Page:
World Economy
0

Swiss Voters Reject Corporate Tax Reform

SRF said voters appeared to have rejected the tax plans by about 60% to 40%.SRF said voters appeared to have rejected the tax plans by about 60% to 40%.

Swiss voters have clearly rejected plans to overhaul the corporate tax system, in a setback for government efforts to abolish low tax rates for thousands of multinational firms while encouraging them to stay, projections by broadcaster SRF showed.

Most Swiss recognize the country needs tax reform to avoid being blacklisted as a low-tax pariah. But new measures proposed to help companies offset the loss of their special status breaks had created deep divisions, Reuters reported.

“It is so clear that you can already say the measure will fail,” political analyst Claude Longchamp of the gfs.bern research and polling institute told SRF around half an hour after polls closed. SRF said voters appeared to have rejected the tax plans by about 60% to 40%.

Switzerland has been in the European Union’s firing line for years because cantons (states) have a special tax status for foreign companies that means some pay virtually no tax other than an effective federal tax of 7.8%.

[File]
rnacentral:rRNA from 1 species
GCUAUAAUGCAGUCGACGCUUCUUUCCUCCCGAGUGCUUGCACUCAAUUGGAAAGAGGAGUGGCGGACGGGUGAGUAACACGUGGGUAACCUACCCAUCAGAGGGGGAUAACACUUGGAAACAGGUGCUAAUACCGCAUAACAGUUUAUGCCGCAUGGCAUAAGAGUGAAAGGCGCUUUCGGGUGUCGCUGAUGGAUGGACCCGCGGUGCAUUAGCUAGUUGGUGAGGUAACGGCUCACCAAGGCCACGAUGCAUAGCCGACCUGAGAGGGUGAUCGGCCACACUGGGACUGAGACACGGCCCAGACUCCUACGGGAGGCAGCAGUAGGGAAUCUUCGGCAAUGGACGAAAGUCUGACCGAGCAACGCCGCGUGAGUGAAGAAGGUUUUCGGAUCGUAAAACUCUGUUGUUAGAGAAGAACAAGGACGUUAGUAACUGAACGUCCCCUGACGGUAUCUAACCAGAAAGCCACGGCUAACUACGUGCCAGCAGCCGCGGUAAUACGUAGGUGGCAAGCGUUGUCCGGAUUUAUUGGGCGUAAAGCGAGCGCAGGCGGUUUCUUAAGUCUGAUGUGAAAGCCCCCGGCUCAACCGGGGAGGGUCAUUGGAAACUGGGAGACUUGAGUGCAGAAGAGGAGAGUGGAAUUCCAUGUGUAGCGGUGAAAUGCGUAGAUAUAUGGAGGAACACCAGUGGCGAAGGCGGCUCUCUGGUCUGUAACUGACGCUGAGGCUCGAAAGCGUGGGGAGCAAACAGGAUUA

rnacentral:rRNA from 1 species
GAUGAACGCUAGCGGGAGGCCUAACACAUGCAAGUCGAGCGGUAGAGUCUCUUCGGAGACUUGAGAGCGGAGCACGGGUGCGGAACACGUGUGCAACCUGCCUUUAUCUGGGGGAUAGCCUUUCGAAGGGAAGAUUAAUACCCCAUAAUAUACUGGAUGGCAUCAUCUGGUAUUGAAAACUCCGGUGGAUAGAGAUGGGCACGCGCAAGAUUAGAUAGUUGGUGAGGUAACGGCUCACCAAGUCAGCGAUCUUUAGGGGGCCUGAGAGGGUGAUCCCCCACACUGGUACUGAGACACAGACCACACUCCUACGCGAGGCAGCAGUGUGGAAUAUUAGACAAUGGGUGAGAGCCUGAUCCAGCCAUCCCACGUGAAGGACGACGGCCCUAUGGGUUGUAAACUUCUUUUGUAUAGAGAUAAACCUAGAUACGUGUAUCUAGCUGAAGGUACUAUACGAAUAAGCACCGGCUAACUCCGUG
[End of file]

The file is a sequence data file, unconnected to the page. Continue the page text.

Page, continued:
The country agreed with Brussels in 2014 to abolish this status because it allowed some foreign firms to pay far lower tax on overseas earnings—an attractive perk for around 24,000 multinationals looking to lower their tax bills.

To offset the introduction of higher tax rates the government also proposed giving companies tax breaks on research and development in Switzerland, profits from patents developed there and deductions for excess company equity.

In addition, many cantons say they would also reduce corporate tax rates for all companies to reduce the fiscal burden and dissuade multinationals from leaving.

 

Add new comment

Read our comment policy before posting your viewpoints

Financialtribune.com